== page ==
Publishing Serendipity

It sometimes happens in publishing that more than one publisher releases a book about the same subject or person in the same season or soon after. This is occurring more and more, especially with biographies. Recently we published a picture book biography of Wangari Maathai, the Nobel Peace Prize-winning scientist and environmentalist who initiated a tree planting movement in Kenya that resulted in the planting of 30 million trees. Our book was the fourth book about Maathai to be published for children in the past couple of years.Seeds of Change image

Why does this happen? Serendipity? Coincidence? Stars lining up in a certain alignment? Publishers in general are on constant lookout for inspirational stories. At the same time, authors are writing about people who inspire them, and experienced authors are doing their homework, searching for stories that are absent in the marketplace in an effort to present something new to readers. It is entirely possible that four different authors, around the same time, came to the same conclusion that there were no books on Wangari Maathai for children and decided to do something about it. This is where overlap can occur.

The timing of the books and when they come out depends on how far ahead a publisher acquires manuscripts. Larger houses tend to acquire several years ahead while small houses tend to publish books as soon as possible after acquiring a manuscript. LEE & LOW has been publishing since 1993, and we now tend to fall somewhere in the middle of these two models as our publishing program has matured. In the case of our Wangari Maathai manuscript, only one book about her was on the horizon when we first read Jen Cullerton Johnson’s manuscript. We decided the market could bear one more.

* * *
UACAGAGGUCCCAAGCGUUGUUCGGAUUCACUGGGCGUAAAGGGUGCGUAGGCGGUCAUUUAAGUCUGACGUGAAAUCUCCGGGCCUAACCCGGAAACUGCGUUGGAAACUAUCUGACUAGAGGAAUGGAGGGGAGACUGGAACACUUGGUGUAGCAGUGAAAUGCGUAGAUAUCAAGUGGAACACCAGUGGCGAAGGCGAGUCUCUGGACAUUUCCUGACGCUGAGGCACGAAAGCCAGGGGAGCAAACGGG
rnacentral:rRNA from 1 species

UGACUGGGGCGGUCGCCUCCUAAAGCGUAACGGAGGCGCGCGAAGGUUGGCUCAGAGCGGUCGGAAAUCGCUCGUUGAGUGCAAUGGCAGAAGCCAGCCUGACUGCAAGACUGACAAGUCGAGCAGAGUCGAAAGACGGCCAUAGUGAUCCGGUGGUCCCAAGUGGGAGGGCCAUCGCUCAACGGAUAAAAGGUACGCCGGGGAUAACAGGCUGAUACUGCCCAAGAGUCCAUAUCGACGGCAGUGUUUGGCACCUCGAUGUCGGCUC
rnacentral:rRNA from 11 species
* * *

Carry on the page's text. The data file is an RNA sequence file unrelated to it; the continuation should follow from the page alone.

Publishers are like individuals and will take vastly different approaches to publishing a book. Picture books are intended for younger readers, and the limited number of pages allow an author to tell only a snippet of a person’s whole life, which is not the case in a longer book. Depending on the author, the snippet chosen for the focus of the story can vary wildly. Different illustrators also play a big role in creating a unique vision of the same story. Placing all the Wangari Maathai picture books side by side shows how Kadir Nelson, Claire Nivola, Jeanette Winter, and Sonia Lynn Sadler make Maathai’s story uniquely their own while offering original visual statements of who Wangari Maathai is in their eyes.

In the past we have been the first to publish books about a number of historical figures, including Sammy Lee, Su Dongpo, John Lewis, Duke Kahanamoku, and Toni Stone, but for Wangari Maathai we brought up the rear. This indicates to me that the overall definition for modern-day heroes may be widening. I think it’s great that four different houses published children’s books about Wangari Maathai, each telling her story in a way that presents a different viewpoint of her life that will appeal to different types of readers.

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